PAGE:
Review: And Then There Were None

On paper this might not have been one to grab you immediately; a traditional drawing room murder mystery by Agatha Christie might sound like a bit of a lumbering theatrical dinosaur. I’m more than happy to say this is far from the case. In fact, far from a lumbering dinosaur, this adaptation of one of Christie’s best known books is a thundering charging rhino of a show.

And Then There Were None, showing at the Grand this week, has been adapted several times over the years, usually with a title change from its far from PC novel’s original. Ten Little What Boys? Yeah, the copy I have is not one to leave out on the coffee table without causing a tidal wave of offence. It has been adapted in a number of ways and formats since then. My favourite so far has to be the classic Tom Baker Doctor Who re-imagining, Robots Of Death. Doctor Who also gets another tie in as part of the exceptional ensemble cast is second Doctor companion (also my personal favourite companion) Jamie McCrimmon played by the ever watchable Frazier Hines.

An Art Deco house on a deserted rock of an island, ten guests and staff all with dark secrets, a murderer… Oh, and there is a storm coming in that will isolate them from the mainland for the night. Agatha Christie gives us every ingredient for a night of thrills, the whodunnit doesn’t get much better than this. But no more plot points as spoilers must be avoided.

The cast has to be talked about as without the strength and seamless performances of everyone involved the tensions and drama could have fallen a little flat. You can only get so far with a twisting concept, taut situation and isolated setting, all of which are first rate in the show I should add. The cast though were as strong and able as you could have wished for. A mix of TV heavyweights played their roles with diamond honed precision. Without spoilers: Paul Nicholas (powerful and commanding), Mark Curry (a terrifically portrayed bag of collapsing nerves), Colin Buchannan (steadfast and enigmatic), Eric Carte (stalwart and full of pathos), Paul Hassall (a wizard ball of self obsessed energy), Ben Nealon (thoroughly charming), the afore-mentioned Frazer Hines (wonderfully self serving servility), Verity Rushworth (a revelation, like an Art Nouveau statue given life in a standout performance, by turns charming/chilling), the ever wonderful Susan Penhaligon (severe and nuanced, always a pleasure to watch), Judith Rae (fussy, harassed and fun), and Jan Knightley (a solid reminder of the ‘real’ world off the island). It was a joy to watch a cast so at ease with the form and the story fairly sped along as their numbers dwindled through the play’s twisting plot.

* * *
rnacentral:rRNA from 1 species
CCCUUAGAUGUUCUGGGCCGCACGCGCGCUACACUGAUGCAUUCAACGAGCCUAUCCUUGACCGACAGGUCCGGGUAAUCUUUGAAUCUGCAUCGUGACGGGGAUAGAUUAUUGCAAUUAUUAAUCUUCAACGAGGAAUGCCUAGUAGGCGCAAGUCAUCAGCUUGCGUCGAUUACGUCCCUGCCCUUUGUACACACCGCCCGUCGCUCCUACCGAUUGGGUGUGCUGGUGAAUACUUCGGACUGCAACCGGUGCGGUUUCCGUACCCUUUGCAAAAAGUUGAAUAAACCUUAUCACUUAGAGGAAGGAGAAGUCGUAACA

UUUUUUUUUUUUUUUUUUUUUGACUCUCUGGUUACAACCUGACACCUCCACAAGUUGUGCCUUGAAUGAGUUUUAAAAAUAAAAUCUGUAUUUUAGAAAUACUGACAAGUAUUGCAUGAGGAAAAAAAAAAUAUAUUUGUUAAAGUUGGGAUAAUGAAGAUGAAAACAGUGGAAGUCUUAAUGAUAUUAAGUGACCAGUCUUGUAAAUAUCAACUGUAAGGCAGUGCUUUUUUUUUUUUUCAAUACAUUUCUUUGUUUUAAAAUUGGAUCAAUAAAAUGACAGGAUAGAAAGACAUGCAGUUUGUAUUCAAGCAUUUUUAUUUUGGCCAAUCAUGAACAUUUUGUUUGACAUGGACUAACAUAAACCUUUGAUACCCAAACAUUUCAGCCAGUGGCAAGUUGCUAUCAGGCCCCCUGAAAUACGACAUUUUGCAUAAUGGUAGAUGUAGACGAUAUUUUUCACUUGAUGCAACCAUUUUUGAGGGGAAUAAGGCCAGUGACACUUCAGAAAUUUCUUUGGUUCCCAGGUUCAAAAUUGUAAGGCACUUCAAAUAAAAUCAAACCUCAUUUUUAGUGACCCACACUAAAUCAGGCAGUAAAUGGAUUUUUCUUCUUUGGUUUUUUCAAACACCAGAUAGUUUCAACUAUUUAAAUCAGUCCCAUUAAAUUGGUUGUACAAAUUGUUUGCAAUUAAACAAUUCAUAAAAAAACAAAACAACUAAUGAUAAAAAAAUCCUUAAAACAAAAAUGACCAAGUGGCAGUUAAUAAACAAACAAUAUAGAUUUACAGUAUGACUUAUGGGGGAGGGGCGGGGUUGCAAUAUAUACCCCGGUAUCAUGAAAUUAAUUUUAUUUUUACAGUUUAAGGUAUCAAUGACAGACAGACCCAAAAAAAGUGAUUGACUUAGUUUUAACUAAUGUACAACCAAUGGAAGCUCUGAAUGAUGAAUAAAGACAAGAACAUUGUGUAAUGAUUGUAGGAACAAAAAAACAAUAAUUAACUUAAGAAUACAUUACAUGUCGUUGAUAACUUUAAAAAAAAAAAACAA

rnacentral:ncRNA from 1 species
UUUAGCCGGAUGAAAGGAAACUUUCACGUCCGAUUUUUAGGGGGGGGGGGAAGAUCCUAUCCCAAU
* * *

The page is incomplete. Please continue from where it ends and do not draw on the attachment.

I always say the best special effects are the ones you create in your head, and grisly death after death will keep your noggin going at full pelt; people hacked in half with axes and crushed under falling bronze statues are just some of the treats you get to imagine. Joe Harmston’s direction positively fizzed on stage; it’s wonderful stuff.

This review is a little short, I admit, but giving the labyrinthian plot or the red herring wrong footing twists and turns away would spoil the fun, and fun it it is with spades, in fact enough spades required to fill the many graves that are needed by the final curtain.

And Then There Were None runs until Saturday 25 of April and is a must see for a solid, entertaining, if not a little sinister, theatrical treat.

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